This beautiful print was created by Israeli artist Archie Granot. Bring it home in memory of WRJ's Centennial year or to celebrate 100 awesome years to come!
Weinstein: "The symbolism of the bill's House passage is indeed important, demonstrating the unfortunate reality that women's reproductive rights remain at risk."
Contact: Sean Thibault or Sarah Krinsky
Washington D.C., June 19, 2013 - In response to the House passage of the Pain Capable Unborn Child Protection Act, Barbara Weinstein, Director of the Commission on Social Action, issued the following statement:
"Yesterday evening's House passage of the "Pain Capable Unborn Child Protection Act" introduced by Rep. Trent Franks (R-AZ) is an affront to women and all who support women's right to make decisions about their bodies and well-being. The legislation, rooted in assertions about the developing fetus that are scientifically questionable at best, would ban abortion after the 20th week of pregnancy. That the House would even spend time considering this legislation (the most restrictive anti-choice bill to be voted on in several years) let alone pass it, is deeply disappointing. After a year where a majority of members of the House of Representatives delayed passage of an inclusive Violence Against Women Act and the Paycheck Fairness Act has yet to come to the floor, this vote further highlights the chamber's failure to respond to the needs of women across America.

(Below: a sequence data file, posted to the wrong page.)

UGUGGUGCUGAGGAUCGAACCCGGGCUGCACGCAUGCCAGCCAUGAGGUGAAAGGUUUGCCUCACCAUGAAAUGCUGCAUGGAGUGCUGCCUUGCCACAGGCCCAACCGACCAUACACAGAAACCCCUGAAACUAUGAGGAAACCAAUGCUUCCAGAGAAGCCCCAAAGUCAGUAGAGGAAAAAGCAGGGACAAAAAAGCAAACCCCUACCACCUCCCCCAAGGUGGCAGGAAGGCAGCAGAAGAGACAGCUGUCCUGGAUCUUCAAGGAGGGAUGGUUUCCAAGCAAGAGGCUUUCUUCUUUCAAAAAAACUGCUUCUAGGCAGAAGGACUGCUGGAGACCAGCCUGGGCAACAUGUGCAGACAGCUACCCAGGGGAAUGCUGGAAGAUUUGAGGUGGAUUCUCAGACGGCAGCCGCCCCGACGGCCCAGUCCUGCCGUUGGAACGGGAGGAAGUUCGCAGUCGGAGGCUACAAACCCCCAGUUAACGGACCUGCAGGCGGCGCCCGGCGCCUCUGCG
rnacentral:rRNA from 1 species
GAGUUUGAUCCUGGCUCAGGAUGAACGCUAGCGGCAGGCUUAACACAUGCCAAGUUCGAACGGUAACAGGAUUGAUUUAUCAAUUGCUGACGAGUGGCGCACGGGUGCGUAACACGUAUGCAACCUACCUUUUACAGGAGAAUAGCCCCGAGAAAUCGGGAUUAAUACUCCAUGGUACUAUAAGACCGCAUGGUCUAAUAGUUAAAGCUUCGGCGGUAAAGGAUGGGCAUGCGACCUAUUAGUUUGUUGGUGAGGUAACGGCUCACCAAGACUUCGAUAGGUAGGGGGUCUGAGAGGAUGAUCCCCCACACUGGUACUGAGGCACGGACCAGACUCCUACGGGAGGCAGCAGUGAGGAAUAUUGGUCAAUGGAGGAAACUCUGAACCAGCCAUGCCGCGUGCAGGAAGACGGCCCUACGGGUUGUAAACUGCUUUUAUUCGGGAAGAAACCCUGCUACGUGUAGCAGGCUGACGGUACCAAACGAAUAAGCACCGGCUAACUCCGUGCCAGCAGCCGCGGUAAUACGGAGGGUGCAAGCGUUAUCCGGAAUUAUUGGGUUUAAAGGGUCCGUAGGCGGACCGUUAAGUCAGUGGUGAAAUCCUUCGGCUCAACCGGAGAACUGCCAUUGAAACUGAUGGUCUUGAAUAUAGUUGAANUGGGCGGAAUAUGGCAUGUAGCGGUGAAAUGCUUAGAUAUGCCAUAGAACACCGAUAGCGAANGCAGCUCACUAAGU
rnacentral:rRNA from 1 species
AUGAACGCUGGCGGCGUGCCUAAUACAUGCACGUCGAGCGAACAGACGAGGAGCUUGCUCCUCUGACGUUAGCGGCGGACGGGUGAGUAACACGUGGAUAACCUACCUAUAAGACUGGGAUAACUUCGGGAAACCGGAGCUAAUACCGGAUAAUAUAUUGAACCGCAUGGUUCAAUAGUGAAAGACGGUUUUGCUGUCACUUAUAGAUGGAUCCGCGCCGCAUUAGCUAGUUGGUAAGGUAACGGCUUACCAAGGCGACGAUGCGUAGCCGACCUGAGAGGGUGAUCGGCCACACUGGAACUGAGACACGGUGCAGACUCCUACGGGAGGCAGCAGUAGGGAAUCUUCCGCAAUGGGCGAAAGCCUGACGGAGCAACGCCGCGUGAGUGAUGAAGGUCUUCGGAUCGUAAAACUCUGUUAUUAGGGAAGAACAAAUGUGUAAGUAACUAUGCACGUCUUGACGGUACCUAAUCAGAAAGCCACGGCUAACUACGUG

We know that yesterday's vote was symbolic, since the Senate will not take up the bill and the President has said he would veto it. We thank the Senate leadership and the President for protecting women's rights in this way. Yet the symbolism of the bill's House passage is indeed important, demonstrating the unfortunate reality that women's reproductive rights remain at risk. Our Jewish values remind us of every woman's right to self-determination and we remain committed to ensuring the rights affirmed by Roe v. Wade are protected and intact for the well-being of future generations of American women and their families."